Sources of Law in a Changing Legal Order, The

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Glendon, Mary Ann
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INTRODUCTION|My subject for this TePoel lecture arises from a difficulty I have had in my current work, which is the preparation of a casebook on comparative law and, specifically, that part of the casebook which deals with the continental European civil law systems. My difficulty was not unlike what those of you who are first year law students may be experiencing-how does one grasp and present a legal system as a whole? How do we penetrate its formal structures and technical apparatus so as to fully understand it and-if it is a foreign legal system-usefully compare it with our own? In trying to deal with this difficulty, I encountered another problem which was this: the widely accepted categories of legal thought in civil law systems (the way most legal scholars understand and explain their own system to themselves and others) did not seem to correspond to the actual predominance of the various materials of legal reasoning in those systems. But then I had to ask myself whether the American situation is really any different in this respect. Have not the conceptual tools which are now generally in use in American law schools become increasingly obsolete over the past sixty or so years? If I am able to persuade you today that they have, this does not mean that law as a discipline is especially retarded. I ask you to consider in this connection the fact that Charles Darwin's essay On the Origin of Species was published in 1859, but it was not until the 1940's that the classification systems used in the life sciences were adjusted to reflect the changes brought about by Darwin's theories. Obviously, it takes a long time for a new outlook to enter the mainstream of a field, and the changes that have taken place in law in our century, I will argue, are comparable in magnitude to the effect of evolutionary theory on biology....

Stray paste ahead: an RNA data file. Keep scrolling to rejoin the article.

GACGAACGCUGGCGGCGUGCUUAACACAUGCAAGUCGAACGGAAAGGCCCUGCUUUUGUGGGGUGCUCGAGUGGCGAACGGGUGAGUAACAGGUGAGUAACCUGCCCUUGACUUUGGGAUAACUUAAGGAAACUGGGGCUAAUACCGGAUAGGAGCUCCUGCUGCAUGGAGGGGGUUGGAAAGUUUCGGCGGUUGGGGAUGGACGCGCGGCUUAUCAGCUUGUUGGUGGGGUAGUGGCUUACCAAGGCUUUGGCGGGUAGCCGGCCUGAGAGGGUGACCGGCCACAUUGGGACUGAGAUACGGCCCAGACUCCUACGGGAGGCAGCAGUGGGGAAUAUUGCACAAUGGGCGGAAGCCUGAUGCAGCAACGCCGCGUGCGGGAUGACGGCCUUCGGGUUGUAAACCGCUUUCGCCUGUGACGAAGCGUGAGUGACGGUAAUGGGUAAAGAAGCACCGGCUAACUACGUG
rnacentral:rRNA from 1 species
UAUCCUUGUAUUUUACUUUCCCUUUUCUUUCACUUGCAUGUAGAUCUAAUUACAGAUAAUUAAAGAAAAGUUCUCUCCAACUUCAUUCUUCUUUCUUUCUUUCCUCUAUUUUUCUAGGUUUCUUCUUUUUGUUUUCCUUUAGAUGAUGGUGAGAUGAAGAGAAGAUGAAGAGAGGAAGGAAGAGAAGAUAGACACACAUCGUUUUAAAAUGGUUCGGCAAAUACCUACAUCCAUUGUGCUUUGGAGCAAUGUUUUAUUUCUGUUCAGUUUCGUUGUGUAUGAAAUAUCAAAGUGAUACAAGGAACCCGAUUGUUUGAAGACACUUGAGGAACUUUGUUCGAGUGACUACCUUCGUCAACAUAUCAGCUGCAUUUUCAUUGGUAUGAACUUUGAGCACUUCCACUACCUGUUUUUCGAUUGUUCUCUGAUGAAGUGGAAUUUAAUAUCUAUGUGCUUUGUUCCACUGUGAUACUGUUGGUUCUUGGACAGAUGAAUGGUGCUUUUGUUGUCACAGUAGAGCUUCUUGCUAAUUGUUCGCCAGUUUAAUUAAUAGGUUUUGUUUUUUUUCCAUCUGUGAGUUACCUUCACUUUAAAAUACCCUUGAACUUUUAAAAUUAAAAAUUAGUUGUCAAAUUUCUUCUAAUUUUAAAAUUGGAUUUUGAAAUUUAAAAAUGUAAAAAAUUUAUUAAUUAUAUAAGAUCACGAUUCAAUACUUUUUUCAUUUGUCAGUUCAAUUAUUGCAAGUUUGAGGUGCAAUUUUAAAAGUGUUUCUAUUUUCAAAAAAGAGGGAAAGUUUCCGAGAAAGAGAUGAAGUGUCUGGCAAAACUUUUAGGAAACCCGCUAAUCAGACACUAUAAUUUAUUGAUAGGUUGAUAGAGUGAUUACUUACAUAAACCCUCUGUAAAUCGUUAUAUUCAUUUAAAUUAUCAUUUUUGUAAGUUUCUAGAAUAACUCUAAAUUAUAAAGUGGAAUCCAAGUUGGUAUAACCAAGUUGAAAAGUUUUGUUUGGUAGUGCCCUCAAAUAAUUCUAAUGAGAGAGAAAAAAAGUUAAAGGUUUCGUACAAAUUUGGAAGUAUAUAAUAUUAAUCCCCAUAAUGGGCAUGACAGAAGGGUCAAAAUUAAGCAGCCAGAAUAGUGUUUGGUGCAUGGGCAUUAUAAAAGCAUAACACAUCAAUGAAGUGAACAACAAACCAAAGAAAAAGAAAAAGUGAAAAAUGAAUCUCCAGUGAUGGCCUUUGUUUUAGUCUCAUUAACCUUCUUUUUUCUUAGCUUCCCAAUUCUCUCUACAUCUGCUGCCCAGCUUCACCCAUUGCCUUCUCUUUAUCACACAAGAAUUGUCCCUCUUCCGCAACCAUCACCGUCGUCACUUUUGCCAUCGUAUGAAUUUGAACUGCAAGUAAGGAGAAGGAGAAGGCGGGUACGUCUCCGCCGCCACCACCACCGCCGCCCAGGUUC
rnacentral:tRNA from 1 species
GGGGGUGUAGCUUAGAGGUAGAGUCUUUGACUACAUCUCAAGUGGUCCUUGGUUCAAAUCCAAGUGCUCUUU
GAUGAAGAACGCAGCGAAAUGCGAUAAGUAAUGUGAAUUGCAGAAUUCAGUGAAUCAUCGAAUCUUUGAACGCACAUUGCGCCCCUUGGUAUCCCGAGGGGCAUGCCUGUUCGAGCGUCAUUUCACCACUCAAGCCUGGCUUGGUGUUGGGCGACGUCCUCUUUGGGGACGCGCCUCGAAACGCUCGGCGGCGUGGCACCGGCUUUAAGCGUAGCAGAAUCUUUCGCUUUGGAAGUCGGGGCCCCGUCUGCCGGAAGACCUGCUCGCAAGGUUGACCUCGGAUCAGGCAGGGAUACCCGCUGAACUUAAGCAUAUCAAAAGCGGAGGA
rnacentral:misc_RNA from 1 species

17 Creighton L. Rev. 663 (1983-1984)
Creighton University School of Law
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